“Timely and Decisive Response”: Summary of the Informal Interactive Dialogue of the UN General Assembly on the Responsibility to Protect held on 5 September 2012
Global Centre for the Responsibility to Protect
On 5 September 2012, fifty-eight member states, one regional organization and two civil society organizations participated in the fourth United Nations (UN) informal interactive dialogue on the Responsibility to Protect (R2P) held in the UN General Assembly (UNGA).1 The dialogue on “timely and decisive response” marked an important turning point in member states’ discussions on R2P. For the first time in an interactive dialogue the majority of states focused their contributions on how best to operationalize R2P, rather than debate its status or whether it should be implemented.
This shift stems in part from the UN Security Council’s (UNSC) 2011 invocation of R2P in resolutions mandating Chapter VII missions to protect civilians from mass atrocities in Libya and Côte d’Ivoire. This experience has made the implementation of R2P and its most controversial aspect, the use of force as a coercive tool of last resort, more than an abstraction. Libya, Côte d’Ivoire and the plight of civilians in Syria today was at the fore of many states’ comments as they reflected upon the challenges arising from the operationalization of R2P. The dialogue confirmed that there has been no diminution of the norm and that, as UN Secretary-General Ban Ki-moon noted in his opening address, “R2P’s time has come.”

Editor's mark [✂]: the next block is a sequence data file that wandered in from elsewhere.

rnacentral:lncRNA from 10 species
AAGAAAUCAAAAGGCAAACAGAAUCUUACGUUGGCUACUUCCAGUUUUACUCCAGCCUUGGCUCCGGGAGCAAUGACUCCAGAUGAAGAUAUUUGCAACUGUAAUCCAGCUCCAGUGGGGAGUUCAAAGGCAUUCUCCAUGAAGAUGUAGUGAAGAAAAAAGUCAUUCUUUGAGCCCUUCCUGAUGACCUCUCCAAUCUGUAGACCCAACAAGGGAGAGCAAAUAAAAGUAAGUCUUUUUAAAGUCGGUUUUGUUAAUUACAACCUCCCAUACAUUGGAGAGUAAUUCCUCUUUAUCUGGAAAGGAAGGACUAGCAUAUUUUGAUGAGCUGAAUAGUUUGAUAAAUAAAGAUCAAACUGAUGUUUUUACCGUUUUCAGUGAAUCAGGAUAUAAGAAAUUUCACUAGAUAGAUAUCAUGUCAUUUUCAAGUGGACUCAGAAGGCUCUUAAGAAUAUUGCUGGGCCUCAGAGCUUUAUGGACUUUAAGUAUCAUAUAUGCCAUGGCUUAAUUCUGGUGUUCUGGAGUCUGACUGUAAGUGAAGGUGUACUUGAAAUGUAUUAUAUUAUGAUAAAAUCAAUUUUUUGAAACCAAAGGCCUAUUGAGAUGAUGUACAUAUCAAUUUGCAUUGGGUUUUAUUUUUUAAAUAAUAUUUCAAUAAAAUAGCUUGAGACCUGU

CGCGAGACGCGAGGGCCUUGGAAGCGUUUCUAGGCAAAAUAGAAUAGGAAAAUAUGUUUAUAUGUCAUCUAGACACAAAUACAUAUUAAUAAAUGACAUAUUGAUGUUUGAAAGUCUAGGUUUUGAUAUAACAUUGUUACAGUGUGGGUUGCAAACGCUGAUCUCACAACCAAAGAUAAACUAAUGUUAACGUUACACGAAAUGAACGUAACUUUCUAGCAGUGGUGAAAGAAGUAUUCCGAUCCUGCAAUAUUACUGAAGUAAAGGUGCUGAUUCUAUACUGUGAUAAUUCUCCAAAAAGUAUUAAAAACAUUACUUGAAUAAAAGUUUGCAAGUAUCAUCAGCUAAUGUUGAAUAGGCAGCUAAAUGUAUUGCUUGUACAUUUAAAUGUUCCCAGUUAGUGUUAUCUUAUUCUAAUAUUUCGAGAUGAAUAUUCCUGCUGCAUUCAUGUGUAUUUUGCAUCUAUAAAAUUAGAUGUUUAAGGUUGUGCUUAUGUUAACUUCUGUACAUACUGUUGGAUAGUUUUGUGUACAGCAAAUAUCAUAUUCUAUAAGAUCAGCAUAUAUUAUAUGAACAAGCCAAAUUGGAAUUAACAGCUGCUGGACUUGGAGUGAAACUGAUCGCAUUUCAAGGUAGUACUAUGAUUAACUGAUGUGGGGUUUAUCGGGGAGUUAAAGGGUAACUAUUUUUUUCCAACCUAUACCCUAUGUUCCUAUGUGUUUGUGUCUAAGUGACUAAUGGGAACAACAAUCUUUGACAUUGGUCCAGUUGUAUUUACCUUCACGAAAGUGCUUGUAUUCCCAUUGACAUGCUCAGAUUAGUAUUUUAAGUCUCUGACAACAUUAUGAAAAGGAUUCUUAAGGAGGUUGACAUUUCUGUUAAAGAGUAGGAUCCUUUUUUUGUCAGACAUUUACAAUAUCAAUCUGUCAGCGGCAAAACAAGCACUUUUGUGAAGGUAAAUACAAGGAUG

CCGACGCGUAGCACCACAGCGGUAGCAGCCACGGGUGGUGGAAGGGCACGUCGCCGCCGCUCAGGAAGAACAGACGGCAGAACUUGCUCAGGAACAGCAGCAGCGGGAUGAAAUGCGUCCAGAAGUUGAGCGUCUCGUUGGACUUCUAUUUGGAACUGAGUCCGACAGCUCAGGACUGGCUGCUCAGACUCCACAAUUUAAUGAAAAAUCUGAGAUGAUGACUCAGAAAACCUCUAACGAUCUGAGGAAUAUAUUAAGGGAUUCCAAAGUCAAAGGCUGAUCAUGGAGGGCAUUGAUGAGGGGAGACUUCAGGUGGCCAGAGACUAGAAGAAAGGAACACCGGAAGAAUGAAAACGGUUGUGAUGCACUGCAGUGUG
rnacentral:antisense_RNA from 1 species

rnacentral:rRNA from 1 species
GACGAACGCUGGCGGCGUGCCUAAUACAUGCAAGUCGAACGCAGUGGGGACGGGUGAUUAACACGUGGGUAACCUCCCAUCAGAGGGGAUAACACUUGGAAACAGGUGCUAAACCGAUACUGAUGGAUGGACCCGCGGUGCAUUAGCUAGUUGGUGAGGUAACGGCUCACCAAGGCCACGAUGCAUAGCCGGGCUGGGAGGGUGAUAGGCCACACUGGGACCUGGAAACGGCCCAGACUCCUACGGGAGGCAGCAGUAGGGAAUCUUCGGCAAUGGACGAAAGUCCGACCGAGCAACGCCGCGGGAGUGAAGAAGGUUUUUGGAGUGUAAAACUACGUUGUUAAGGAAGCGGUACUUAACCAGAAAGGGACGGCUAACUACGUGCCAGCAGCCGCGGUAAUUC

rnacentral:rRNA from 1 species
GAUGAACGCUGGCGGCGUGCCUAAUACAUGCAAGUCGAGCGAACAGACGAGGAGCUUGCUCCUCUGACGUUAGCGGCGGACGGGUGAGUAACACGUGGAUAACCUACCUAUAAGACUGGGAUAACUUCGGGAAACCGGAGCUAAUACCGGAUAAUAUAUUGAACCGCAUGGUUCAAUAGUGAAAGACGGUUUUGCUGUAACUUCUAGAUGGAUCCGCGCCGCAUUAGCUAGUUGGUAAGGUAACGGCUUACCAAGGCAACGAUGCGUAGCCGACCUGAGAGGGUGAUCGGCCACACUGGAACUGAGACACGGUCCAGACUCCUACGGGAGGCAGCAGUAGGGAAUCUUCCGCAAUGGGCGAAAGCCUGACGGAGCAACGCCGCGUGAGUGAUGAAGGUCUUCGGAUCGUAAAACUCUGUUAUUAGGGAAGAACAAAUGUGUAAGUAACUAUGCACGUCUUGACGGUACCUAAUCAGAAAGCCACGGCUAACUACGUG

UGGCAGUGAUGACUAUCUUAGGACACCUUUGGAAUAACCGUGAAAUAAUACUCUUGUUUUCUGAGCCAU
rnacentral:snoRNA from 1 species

There was widespread acceptance that the international community must move towards outlining tangible steps that states can take at the domestic, regional and international level to uphold R2P. Many states outlined the efforts they are taking to uphold R2P domestically, including through the appointment of a senior-level government official to serve as a national R2P Focal Point.
The 2012 dialogue saw an increase in the number and diversity of states participating. When compared with opposition to R2P in 2005 or 2009, the 2012 dialogue saw only two states, Cuba and Venezuela, remaining as outright opponents of the norm. A number of states did, however, voice constructive concerns about how best to implement and advance R2P. For example, states stressed that R2P must be applied in a consistent manner to avoid allegations of double standards, and points of disagreement remained regarding the sequencing of the three pillars and how and when to resort to the use of force.
Read full summary.